portantly on the‘ e?iciency of‘ the pulping operation,
until it again becomes necessary to sharpen said stone,
since when the wood is relatively wet the ?bers separate
since it is now known that a sharp stone tends to cut
more easily, their strength'is greater and ‘the power con
the?bers and decrease the ?nes, whereas as the stone
sumption is lower. While eitorts are made by soaking
becomes Worn, the amount of cutting decreases and the
or like procedures to have at least 30% moisture content,
rubbing and re?ning action tends to increase, producing
it is apparent that this condition cannot always be attained
more ?nes and greater ?brillation. On the other hand,
and a uniform moisture content for a particular load of
the variations in pulpwood moisture content and density
pulpwood cannot be e?iciently accomplished, even when
require that the grinding pressure or unit loading be
pre-soaking is used.
varied, and by reason of the relatively great contact area
Accordingly, to compensate for moisture content and
of the conventional grinder pocket, wide pressure varia
density variations, while striving for consistently uniform
tions or large changes in loading are necessary. This
pulp quality, the grinding pressure or unit loading is ad
markedly increases the total power requirements for the
justed or varied. The pulpwood pocket, however, of
grinding process, and a point is approached at which
the prior art presents a relatively large contact area both
mechanical pulp grinding loses some of its economical
arcuately and axially, and the power requirements to vary
the loading are therefore substantial. As is known, the
It has now been discovered that uniformly consistent
e?iciency of the pulping process is expressed in terms of
pulp quality at minimum power expenditures is ob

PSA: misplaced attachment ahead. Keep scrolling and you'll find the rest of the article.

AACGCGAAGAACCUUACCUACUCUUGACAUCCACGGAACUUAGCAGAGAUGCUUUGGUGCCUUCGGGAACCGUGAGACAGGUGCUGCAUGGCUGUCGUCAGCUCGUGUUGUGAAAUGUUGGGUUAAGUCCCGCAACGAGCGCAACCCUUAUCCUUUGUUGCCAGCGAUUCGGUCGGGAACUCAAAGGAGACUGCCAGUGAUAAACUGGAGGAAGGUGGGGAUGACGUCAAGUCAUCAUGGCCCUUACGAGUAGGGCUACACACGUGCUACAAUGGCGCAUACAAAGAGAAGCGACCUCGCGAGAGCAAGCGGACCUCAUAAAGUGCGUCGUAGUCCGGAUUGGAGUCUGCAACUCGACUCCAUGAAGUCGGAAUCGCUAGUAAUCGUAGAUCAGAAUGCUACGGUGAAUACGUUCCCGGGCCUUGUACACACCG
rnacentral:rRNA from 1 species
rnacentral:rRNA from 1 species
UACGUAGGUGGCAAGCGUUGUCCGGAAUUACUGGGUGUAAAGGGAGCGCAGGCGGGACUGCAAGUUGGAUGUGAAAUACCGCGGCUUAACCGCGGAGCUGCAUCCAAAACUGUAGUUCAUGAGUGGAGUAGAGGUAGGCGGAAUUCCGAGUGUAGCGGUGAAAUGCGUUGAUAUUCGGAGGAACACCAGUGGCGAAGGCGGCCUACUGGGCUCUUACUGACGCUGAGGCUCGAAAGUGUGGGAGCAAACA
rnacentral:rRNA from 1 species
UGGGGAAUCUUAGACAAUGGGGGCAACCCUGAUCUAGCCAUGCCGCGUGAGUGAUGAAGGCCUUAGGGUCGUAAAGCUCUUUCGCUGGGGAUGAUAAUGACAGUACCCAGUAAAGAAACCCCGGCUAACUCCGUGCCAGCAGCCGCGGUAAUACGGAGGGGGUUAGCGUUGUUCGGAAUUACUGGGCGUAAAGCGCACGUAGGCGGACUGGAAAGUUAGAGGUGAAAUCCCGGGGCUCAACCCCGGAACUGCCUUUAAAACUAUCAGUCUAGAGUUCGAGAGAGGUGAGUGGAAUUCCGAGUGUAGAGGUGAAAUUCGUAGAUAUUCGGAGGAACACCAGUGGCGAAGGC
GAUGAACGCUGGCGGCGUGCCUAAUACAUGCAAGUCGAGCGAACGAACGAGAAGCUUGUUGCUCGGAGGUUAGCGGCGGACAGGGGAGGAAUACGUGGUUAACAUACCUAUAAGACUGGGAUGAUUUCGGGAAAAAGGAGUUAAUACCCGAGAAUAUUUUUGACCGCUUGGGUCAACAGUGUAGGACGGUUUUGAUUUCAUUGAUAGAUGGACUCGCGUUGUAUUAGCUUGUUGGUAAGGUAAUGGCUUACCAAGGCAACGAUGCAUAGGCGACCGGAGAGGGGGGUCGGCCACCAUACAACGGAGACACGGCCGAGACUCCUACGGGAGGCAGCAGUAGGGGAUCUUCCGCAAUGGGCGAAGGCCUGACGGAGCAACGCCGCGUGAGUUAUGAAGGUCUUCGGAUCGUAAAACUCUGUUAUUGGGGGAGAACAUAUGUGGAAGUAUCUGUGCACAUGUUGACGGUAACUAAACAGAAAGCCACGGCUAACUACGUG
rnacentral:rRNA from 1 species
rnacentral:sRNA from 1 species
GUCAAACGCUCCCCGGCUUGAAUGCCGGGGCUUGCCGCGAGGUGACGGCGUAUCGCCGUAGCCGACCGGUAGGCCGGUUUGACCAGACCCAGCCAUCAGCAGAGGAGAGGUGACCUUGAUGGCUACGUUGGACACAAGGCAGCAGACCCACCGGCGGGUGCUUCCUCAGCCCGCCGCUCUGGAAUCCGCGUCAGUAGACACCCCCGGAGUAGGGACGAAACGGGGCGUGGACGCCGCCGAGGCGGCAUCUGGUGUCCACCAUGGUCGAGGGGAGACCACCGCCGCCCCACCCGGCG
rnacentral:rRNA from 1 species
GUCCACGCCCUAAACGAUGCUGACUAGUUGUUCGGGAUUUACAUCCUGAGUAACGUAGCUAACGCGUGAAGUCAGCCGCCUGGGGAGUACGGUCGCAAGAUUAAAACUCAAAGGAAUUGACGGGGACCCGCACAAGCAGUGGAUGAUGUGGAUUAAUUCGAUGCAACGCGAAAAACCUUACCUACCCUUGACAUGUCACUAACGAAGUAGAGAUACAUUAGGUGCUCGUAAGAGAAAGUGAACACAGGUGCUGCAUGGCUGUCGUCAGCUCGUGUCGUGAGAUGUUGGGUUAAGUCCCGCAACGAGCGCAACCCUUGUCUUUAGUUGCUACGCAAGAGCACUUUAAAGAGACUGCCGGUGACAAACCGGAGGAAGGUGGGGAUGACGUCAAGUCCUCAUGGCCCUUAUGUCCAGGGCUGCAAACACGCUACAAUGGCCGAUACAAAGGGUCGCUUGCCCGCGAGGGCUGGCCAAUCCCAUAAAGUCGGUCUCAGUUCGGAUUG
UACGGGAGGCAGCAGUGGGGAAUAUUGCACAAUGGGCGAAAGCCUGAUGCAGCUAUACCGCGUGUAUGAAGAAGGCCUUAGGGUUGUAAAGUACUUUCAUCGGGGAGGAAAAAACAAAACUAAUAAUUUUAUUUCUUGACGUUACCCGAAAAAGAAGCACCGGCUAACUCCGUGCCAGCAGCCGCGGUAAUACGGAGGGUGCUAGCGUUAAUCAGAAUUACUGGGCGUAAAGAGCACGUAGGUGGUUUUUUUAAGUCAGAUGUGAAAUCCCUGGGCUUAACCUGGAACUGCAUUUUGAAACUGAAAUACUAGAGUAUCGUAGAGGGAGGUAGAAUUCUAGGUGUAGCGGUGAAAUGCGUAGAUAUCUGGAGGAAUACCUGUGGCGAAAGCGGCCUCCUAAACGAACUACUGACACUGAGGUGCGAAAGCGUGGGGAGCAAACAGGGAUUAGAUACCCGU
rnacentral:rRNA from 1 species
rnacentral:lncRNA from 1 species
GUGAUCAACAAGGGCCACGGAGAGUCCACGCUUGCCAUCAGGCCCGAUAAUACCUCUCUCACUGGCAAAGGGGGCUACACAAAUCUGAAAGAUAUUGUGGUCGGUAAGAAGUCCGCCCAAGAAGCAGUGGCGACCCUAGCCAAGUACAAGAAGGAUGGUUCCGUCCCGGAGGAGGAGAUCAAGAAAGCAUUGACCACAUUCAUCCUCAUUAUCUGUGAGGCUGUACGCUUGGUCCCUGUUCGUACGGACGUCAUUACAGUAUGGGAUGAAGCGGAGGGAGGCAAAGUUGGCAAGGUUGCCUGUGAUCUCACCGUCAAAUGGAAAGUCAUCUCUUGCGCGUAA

horsepower per daily ton of ?ber, and it can therefore
tained by varying the contact area of the pulp stone and
be seen that when wide variations in grinding pressure
pulpwood relative to one another, so that pulp stone Wear
or load required to obtain optimum unit loading for
is reduced and the stone remains in relatively sharp con
consistent pulp quality are necessary, the pulping ef
dition for a longer period, and thereby continues to out
?ciency is substantially diminished.
It is accordingly an important aim of the present inven 65 rather than rub the ?bers.
The relative movement described can be accomplished
tion to provide method and apparatus for pulpwood grind
ing productive of uniformly consistent pulp quality at
minimum power requirements.
by moving the grinder pocket laterally with respect to
a generally conical grinder stone, or in other Ways which
will become immediately apparent to those skilled in the
Another object of this invention lies in the provision
of improved structures and procedures for producing 70 art upon a consideration of the instant disclosure.
The apparatus is illustrated in FIGURE 1 and is close
pulp, wherein the pulp stone and pocket are moved rela
ignated therein generally by the numeral Fill. As shown,
tive to one another to vary the contact area of said stone
there is provided a pulp stone or grinding member 71 of
parallel with the pocket and sticks being abraded, con
generally frusto-conical con?guration supported for rota
voluted pulp stories may of course be employed and in
this case the motion of the pocket can be relatively slower
and the power requirements would of course be reduced.
tion at opposite ends by shaft means
72a journaled
in bearing means 73——73a, respecdvely, said pulp stone
71 being driven in rotation by motor means or the like
'74} having shaft means '75 coupled at ‘7'6 to shaft means
77 received in the bearing means 730.
To vary the grinding contact area, a grinder pocket
or housing 73 is provided with guide means 79 received in
This and other variations and modi?cations, including tie
use of more than a single grinder pocket for each pulp
stone, may of course be practiced without departing from
the novel concepts of the present invention.
1 claim as my invention:
1. Apparatus for grinding pulpwood to obtain pulp
track means
disposed generally parallel to the grind 10
therefrom, comprising a generally frusto-conical grind
ing surface of the conical grinder 71. The pocket 78
ing member, means for rotating said grinding member,